Title:
Method for removing phospholipids from vegetable oil miscella, method for conditioning a polymeric microfiltration membrane, and membrane
Kind Code:
A1


Abstract:
A method for removing phospholipids from vegetable oil miscella is provided. The method includes steps of feeding vegetable oil miscella to a conditioned polymeric microfiltration membrane, and recovering a permeate stream having a decreased weight percent of phospholipids compared with the weight percent of phospholipids provided in the miscella. The polymeric microfiltration membrane can be conditioned for the selective separation of phospholipids in the miscella. A method for conditioning a membrane for selective separation of phospholipids from vegetable oil miscella, and the resulting membrane, are provided. The membrane which can be conditioned can be characterized as having an average pore size of between about 0.1μ and about 2μ.



Inventors:
Jirjis, Bassam (Plymouth, MN, US)
Muralidhara, Harapanahalli S. (Plymouth, MN, US)
Otten, Dennis D. (Elk River, MN, US)
Application Number:
09/818738
Publication Date:
08/30/2001
Filing Date:
03/27/2001
Assignee:
Cargill, Incorporated (Wayzata, MN, US)
Primary Class:
Other Classes:
210/650, 210/651, 426/417, 426/422, 426/478, 426/490, 554/175, 554/206, 134/40
International Classes:
B01D61/58; A23G9/16; A23G9/28; B01D65/02; B01D69/00; B01D71/42; B01D71/56; B01D71/64; B01D71/68; C11B1/10; C11B3/00; C11B3/16; (IPC1-7): A23D9/02; B01D61/14
View Patent Images:
Related US Applications:



Primary Examiner:
PADEN, CAROLYN A
Attorney, Agent or Firm:
MERCHANT & GOULD P.C. (MINNEAPOLIS, MN, US)
Claims:

We claim:



1. A method for removing phospholipids from vegetable oil miscella, the method comprising steps of: (a) feeding vegetable oil miscella to a membrane for recovery of a permeate stream and a retentate stream, wherein said miscella comprises extraction solvent and crude vegetable oil containing phospholipids, and said membrane comprises a polymeric microfiltration membrane conditioned for selective separation of phospholipids from said miscella to provide a permeate stream having decreased weight percent of phospholipids compared with the weight percent of phospholipids provided in said miscella; (b) recovering said permeate stream having decreased weight percent of phospholipids compared with the weight percent of phospholipids provided in said miscella.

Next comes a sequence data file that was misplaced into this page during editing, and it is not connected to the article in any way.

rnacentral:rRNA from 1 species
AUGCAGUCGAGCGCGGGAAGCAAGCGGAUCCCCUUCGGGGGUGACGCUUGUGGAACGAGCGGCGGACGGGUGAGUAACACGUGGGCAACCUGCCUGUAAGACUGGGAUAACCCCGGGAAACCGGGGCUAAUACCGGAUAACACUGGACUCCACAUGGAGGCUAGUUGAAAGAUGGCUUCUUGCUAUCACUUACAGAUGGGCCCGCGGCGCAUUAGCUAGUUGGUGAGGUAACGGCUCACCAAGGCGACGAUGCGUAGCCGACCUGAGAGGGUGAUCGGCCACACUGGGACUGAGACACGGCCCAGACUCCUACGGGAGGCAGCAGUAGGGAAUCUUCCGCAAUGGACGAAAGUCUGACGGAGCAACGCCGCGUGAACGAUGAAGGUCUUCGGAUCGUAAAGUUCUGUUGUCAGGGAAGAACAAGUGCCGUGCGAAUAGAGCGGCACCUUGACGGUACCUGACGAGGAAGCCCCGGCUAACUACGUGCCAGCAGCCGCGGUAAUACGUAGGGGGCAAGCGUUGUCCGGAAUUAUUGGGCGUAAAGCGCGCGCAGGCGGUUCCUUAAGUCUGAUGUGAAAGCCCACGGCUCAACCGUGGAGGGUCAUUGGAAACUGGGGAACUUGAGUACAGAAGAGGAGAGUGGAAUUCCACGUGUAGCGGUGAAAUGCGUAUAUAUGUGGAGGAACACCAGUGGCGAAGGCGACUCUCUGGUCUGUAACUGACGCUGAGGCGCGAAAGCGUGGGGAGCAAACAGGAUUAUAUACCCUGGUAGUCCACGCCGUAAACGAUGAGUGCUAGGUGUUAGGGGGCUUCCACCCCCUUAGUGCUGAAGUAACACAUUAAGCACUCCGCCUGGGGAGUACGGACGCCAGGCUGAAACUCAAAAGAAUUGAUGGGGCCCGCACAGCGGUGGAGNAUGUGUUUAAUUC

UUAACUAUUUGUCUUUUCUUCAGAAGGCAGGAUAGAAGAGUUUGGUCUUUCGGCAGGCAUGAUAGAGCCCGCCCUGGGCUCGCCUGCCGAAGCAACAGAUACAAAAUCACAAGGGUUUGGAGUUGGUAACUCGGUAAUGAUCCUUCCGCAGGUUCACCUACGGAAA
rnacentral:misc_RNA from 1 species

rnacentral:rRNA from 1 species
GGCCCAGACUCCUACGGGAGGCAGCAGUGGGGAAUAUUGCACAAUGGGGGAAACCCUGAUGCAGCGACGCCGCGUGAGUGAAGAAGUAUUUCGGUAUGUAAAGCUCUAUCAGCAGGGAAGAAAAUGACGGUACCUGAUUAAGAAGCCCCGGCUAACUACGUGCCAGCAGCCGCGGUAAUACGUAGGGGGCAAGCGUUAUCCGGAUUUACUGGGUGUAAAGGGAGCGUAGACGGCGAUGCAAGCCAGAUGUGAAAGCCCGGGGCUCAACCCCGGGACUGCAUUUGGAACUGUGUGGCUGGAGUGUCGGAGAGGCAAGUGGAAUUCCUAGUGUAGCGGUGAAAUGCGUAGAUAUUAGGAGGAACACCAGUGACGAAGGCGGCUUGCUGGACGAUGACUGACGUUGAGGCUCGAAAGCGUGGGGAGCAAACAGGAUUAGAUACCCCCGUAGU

2. A method for removing phospholipids from vegetable oil miscella according to claim 1, wherein the microfiltration membrane comprises a membrane provided on a backing, the membrane characterized as having an average pore size in the range of about 0.1μ to about 2μ.

3. A method for removing phospholipids from vegetable oil miscella according to claim 2, wherein the polymeric microfiltration membrane is conditioned by a three step conditioning sequence comprising: (i) treating the microfilter with an intermediate solvent; and (ii) treating the microfilter with a mixture of intermediate solvent and extraction solvent; and (iii) treating the microfilter with an extraction solvent.

4. A method for removing phospholipids from vegetable oil miscella according to claim 1, wherein said miscella comprises between about 45 and about 90 weight percent extraction solvent.

5. A method for removing phospholipids from vegetable oil miscella according to claim 1, wherein the extraction solvent comprises hexane.

6. A method for removing phospholipids from vegetable oil miscella according to claim 1, wherein said permeate stream comprises less than about 0.6 weight percent phospholipids.

7. A method for removing phospholipids from vegetable oil miscella according to claim 1, wherein said permeate stream comprises less than about 0.15 weight percent phospholipids.

8. A method for removing phospholipids from vegetable oil miscella according to claim 1, wherein said permeate stream comprises less than 0.015 weight percent phospholipids.

9. A method for removing phospholipids from vegetable oil miscella according to claim 1, wherein the microfiltration membrane comprises polyacrylonitrile, polysulfone, polyamide, or polyimide.

10. A method for conditioning a polymeric microfiltration membrane for selective separation of phospholipids from vegetable oil miscella, the method comprising steps of: (a) providing a polymeric microfiltration membrane characterized as having an average pore size in the range of about 0.1μ to about 2μ; (b) treating the membrane with an intermediate solvent; and (c) treating the membrane with an extraction solvent.

11. A method for conditioning a polymeric microfiltration membrane according to claim 10, wherein the membrane comprises a polyacrylonitrile membrane.

12. A method for conditioning a polymeric microfiltration membrane according to claim 10, wherein the membrane comprises a polysulfone membrane.

13. A method for conditioning a polymeric microfiltration membrane according to claim 10, wherein said step of treating the membrane with an intermediate solvent comprises soaking in said intermediate solvent for at least about one-half hour.